This project was produced by the history group in 2009/2010. Some content is also contributed to the National Archives Your Archives as part of their Historical Streets Project. This project is now discontinued.
Church Path is the old path from the parish church of St Leonard in Upper Deal, County of Kent, through Middle Deal to Lower Deal and the sea over a mile away.
Famous for The Downs and shipping in the age of sail during 16th to 19th centuries. It possesses a complete range of dwellings, high status to small cottages. It has an upper section, near the Church, a middle section (suject of this study) and a lower section. A typical view looking at the upper section towards the Church is shown in this photo (1890-1910) from the National Monuments Record where it is labelled Church Walk.
It is still a path with housing on the western side fronting it. Parallel to it is Middle Deal Road with the rear entrances to these buildings. There are two short sections with road and post 1880 housing on the eastern side of these sections.
There are clues to the early history of this path. In 1668 a Strangers Burial Ground was purchased by the parishoners near the current day St Andrew's Church. There was a query over its use in October 1794 (St Leonard's Church Vestry Minutes) and this refers to the earlier date. Church Path goes to it, so we infer that it was in use at that time. It is wide enough for coffin bearers and a coffin.
Shown on the 1769 Andrews & Drury Map of East Kent.
Had a nickname of Coffin Path due to the coffins taken up to the Church and down again. A Chapel of Ease (St Georges Church) in Lower Deal was only opened in 1716.
In December 1794 a Vestry meeting was convened to purchase a piece of ground from William Pope for an overflow churchyard adjoining to Stone Lane of size 140 perches. This is located near the top end of Church Path today and so we have discovered a new 'official' name for Church Path.
In 1818 an extension of the Dover-Deal Turnpike was authorised by Act of Parliament from Deal (Queen Street) to Sandwich. This is now named London Road. From Queen Street it went parallel to Church Path but on the eastern side, joining and appropriating an existing path (from Upper Deal direct to Deal Castle) and bisecting Church Path close to Upper Deal, joining the existing road through Upper Deal, out through Sholden and then across the marsh West of Deal through Hacklinge and on to Sandwich. At the crossing of Church Path, 'The Magnet Inn' and 222 London Road (Vine House) are aligned square on to Church Path and so are considered older than the Turnpike.
The 1851 Census records some properties (HO 107/1631/27), notably the 'Fiver Ringers' and 'Bowling Green' pubs with their address as Gravel Walk so this name was in use for some period.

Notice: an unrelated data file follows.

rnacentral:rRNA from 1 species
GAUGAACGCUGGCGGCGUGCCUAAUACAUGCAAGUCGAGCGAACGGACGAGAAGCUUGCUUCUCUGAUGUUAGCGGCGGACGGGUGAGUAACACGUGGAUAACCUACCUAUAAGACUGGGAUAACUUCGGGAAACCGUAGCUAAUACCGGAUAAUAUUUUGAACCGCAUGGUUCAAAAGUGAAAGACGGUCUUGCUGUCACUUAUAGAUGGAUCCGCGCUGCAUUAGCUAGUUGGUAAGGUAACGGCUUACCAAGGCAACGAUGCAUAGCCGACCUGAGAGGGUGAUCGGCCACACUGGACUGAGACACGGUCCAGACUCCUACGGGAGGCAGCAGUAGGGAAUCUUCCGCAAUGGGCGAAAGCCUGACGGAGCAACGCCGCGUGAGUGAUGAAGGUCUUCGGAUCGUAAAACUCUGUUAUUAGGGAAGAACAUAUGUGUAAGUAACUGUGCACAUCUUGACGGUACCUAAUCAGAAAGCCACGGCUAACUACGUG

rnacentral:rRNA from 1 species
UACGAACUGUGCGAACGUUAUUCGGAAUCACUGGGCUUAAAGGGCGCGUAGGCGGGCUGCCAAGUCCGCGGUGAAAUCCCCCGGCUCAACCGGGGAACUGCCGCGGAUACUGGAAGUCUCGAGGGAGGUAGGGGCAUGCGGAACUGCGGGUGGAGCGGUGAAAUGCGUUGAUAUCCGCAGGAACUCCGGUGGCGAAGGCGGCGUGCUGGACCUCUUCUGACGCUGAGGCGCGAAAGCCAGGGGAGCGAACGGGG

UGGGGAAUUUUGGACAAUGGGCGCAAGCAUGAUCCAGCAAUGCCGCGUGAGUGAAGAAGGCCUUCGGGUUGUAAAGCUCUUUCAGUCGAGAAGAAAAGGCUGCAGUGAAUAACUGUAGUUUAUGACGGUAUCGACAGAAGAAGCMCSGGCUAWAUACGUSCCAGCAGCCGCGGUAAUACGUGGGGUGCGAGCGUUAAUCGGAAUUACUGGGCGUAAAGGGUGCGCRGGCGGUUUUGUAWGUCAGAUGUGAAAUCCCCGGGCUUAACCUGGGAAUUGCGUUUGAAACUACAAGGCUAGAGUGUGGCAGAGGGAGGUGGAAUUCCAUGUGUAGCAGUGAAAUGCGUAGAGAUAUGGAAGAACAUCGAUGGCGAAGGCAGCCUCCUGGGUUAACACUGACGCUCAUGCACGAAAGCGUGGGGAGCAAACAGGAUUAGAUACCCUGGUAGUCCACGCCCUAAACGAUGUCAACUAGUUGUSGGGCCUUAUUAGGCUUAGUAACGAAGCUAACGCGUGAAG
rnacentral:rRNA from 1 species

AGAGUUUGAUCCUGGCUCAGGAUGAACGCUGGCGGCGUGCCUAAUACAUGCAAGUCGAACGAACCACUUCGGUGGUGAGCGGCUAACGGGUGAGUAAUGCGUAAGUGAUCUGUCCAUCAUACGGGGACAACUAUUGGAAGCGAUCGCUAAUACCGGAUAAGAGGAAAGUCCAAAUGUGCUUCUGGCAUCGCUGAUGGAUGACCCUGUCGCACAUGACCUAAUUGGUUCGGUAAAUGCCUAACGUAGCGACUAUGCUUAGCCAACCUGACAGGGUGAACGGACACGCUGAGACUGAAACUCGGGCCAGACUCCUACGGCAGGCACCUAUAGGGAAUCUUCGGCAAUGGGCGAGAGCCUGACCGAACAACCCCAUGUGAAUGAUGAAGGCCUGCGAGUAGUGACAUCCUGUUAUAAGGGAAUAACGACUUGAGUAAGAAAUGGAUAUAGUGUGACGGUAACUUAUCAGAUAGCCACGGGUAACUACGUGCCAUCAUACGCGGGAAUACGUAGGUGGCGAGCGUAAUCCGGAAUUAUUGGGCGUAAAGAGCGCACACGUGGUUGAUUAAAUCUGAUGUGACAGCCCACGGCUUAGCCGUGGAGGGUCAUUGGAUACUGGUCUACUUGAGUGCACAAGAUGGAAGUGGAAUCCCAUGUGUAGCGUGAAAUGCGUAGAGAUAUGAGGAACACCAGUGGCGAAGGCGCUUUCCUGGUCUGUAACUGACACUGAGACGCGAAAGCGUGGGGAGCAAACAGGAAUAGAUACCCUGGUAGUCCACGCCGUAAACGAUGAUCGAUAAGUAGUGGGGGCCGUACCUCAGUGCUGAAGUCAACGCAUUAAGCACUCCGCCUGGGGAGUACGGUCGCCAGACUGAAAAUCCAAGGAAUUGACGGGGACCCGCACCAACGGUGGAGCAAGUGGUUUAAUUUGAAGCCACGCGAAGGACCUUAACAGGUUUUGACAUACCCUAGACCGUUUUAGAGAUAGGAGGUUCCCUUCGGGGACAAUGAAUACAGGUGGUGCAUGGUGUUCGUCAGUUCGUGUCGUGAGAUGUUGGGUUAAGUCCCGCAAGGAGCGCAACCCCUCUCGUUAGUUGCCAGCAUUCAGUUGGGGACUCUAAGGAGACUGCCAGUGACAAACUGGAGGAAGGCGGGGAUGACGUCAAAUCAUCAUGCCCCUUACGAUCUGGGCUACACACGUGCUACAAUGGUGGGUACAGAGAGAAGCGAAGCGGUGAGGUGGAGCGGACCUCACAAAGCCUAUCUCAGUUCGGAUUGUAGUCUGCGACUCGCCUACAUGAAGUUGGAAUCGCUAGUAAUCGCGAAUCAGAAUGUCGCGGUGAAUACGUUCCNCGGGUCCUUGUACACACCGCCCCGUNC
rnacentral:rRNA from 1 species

On the 1st edition OS map (1873 revision) it is named Church Walk.
Before 1898 it gains its modern name of Church Path (see Deal, Walmer & Sandwich Street Directory by Pain).
Street numbering for Church Path took place somewhat after the 1911 Census but before the 1910 valuation survey Field Books were filled in, in this case around 1914. The numbering has remained intact and has not gone through the process of re-numbering.
It is interesting to note that Church Path runs parallel to the edge of the field boundary pattern shown on the 1843 tithe map and it does not take the shortest route to the sea. This implies that it came after the field boundary system. Indeed Church Path is heading towards the Ancient Highway being the original route to Sandwich over the Sand Hills.
The second interesting note is that even the oldest houses are all aligned with their fronts to Church Path. The rear entrances back onto Middle Deal Road and give access to the stables, outbuildings, workshops etc. Also at the rear we have the Blacksmith and the farm entrances.
Upper Deal is situated on chalk (the North Downs) at the base of the dip slope. Church Path runs in a north easterly direction over thick sediment and former marsh all at sea level. Deal itself is built on a shingle bank a great fosse, a spit that grew northwards from the cliffs at Kingsdown stretching some four miles to the mouth of the River Stour close to Sandwich. The chalk aquefer provides extremely pure drinking water and many wells were sunk in the area. The low lying land is very fertile.
Henry J Harvey, Blacksmith was owner / occupier of Devonport House (using the 1910 IR survey) and worked in the Forge at the bottom of the garden, which fronted onto Middle Deal Road. He was still there as blacksmith in 1938 (Street Directory).
Map - Segment of IR124/5/149 courtesy of The National Archives
The relevant Field Book with properties of hereditament numbers 301-400 is IR58/30798